In the world we live in today it makes more sense than ever to collect vintage photographs. It is eco -friendly and in a way also related to the Slow movement. Eco friendly because you take care of something already existing, something that doesn´t have to be done over again, not having to be re-produced.  It´s also about embracing and appreciating history, stopping time for a while and reflect on something now gone that belonged to the very world we still live in here and now. It can give you a sense of perspective.

The connection to the Slow movement you can say comes via how the photograph was created; photographed when and where it  happened, in that very place on that particulate day – the photographer travelled to the place of the happening, the photograph was developed in the darkroom from the negative after a selection process by photographer and editor (usually) then spread globally to news agencies and newspapers, at some time ending up in the photo collection archive of the newspaper, being stored in boxes for up to 100 years, now seeing the daylight, being digitized and thus preserved for the future by us, and finally finding a new home with collectors around the world – being kept in new boxes or being framed and hung up on the wall.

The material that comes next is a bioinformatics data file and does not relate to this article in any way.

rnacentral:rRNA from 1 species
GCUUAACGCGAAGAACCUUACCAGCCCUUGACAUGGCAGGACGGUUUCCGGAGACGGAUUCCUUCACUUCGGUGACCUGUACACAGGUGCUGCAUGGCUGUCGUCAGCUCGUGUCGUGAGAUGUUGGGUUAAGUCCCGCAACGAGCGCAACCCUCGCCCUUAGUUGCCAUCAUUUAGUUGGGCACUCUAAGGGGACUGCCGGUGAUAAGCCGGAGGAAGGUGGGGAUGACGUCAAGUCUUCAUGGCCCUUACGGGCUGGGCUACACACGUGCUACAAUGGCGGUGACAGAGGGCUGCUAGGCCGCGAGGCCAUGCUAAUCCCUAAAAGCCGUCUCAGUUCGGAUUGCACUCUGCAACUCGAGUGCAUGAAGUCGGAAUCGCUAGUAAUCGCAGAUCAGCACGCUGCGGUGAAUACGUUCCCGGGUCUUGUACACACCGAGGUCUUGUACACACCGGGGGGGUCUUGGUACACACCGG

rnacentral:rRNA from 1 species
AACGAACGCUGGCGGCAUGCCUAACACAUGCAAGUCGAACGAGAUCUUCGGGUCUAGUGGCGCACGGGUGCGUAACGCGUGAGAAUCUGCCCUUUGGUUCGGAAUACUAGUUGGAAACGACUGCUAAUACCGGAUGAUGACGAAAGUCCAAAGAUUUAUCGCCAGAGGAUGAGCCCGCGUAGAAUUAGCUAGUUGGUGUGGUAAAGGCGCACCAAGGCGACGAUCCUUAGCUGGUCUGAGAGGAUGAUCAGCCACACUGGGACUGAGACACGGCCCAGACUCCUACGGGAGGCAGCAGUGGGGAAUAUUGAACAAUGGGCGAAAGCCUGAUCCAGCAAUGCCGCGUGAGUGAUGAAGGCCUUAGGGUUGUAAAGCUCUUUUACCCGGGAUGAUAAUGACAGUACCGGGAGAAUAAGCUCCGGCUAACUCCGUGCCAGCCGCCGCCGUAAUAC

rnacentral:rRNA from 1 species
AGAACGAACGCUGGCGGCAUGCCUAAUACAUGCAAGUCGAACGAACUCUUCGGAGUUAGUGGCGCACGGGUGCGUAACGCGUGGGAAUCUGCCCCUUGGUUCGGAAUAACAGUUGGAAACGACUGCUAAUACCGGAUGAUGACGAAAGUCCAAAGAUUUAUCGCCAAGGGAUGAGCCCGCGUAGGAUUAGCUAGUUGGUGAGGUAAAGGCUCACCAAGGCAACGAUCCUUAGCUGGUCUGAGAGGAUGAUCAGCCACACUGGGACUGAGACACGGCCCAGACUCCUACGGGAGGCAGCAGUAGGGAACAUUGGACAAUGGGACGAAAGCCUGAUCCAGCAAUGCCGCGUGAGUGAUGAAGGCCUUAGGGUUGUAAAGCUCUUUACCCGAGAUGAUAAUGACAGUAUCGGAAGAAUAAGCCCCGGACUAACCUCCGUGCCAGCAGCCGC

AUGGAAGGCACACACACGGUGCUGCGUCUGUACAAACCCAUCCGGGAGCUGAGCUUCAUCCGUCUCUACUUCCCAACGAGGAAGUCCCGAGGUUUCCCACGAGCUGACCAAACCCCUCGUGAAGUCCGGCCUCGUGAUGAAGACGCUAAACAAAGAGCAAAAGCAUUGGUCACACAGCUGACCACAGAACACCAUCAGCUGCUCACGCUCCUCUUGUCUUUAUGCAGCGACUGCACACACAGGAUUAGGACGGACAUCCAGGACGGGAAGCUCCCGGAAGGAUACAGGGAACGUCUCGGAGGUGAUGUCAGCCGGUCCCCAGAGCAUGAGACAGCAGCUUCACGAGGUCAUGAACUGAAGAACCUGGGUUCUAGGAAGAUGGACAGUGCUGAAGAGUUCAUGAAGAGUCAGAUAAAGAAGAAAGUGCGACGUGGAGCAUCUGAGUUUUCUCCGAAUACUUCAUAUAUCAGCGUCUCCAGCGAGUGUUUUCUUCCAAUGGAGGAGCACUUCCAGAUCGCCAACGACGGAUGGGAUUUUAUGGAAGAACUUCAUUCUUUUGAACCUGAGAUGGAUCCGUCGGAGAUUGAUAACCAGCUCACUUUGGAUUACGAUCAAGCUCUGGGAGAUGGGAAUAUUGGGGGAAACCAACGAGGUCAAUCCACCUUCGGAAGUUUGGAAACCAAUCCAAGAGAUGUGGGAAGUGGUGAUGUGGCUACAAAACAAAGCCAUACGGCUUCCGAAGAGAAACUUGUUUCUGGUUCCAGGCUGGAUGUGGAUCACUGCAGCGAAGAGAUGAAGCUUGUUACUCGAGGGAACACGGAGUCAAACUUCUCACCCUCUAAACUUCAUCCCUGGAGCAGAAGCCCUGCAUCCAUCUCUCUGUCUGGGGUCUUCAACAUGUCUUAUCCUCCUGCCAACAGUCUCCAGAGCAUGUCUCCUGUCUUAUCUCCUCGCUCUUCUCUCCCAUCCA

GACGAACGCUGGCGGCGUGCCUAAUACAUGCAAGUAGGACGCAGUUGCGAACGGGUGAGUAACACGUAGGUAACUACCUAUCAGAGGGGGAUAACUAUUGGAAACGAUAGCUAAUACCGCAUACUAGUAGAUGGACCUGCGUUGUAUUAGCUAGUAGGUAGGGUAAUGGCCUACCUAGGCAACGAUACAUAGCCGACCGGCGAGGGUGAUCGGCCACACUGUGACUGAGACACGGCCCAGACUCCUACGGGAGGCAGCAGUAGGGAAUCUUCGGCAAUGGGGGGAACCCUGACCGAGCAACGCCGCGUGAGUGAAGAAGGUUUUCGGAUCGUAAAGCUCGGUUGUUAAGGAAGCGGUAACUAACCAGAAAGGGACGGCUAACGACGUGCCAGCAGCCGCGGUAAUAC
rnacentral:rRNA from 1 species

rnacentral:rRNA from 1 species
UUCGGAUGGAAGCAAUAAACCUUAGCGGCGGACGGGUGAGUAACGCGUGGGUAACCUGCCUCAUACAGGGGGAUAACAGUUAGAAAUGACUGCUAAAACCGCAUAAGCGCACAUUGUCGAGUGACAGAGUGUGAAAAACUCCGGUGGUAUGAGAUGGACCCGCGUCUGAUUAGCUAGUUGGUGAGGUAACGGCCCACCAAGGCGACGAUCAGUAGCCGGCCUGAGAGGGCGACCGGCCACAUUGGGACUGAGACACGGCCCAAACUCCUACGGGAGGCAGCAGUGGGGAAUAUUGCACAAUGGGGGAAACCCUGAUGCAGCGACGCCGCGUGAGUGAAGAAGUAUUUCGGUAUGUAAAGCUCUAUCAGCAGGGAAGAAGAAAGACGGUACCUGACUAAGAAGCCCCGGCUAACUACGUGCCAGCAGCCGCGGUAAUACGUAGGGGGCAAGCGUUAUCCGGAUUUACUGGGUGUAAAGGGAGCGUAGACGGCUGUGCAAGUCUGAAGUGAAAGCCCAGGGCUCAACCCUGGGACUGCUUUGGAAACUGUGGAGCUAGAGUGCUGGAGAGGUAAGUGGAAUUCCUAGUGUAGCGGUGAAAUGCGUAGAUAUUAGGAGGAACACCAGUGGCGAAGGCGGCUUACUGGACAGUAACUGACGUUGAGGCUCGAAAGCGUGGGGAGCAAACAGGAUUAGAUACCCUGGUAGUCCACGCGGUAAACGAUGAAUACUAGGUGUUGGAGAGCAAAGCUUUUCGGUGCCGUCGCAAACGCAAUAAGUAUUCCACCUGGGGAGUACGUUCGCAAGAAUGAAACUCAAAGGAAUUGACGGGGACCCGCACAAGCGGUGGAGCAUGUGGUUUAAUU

In a world that is in constant flux and many times in turmoil, an old photograph with its own history is a tangible object of time, somehow miraculously saved from wars, fires, water damages, and dirt.  A decreased amount are left today, and for certain vintage press photographs will be increasingly valued with each year passing. Even if you collect for other reasons than value, buying a vintage photo means you get a piece of photo journalistic art, created by a professional who was present at that special occasion on that very date, and that the picture comes with its own biography – many times revealed by the stamps and hand scribbled notes on its backside.


Niklas Blomkvist

Creative & Photography Director

IMS Vintage Photos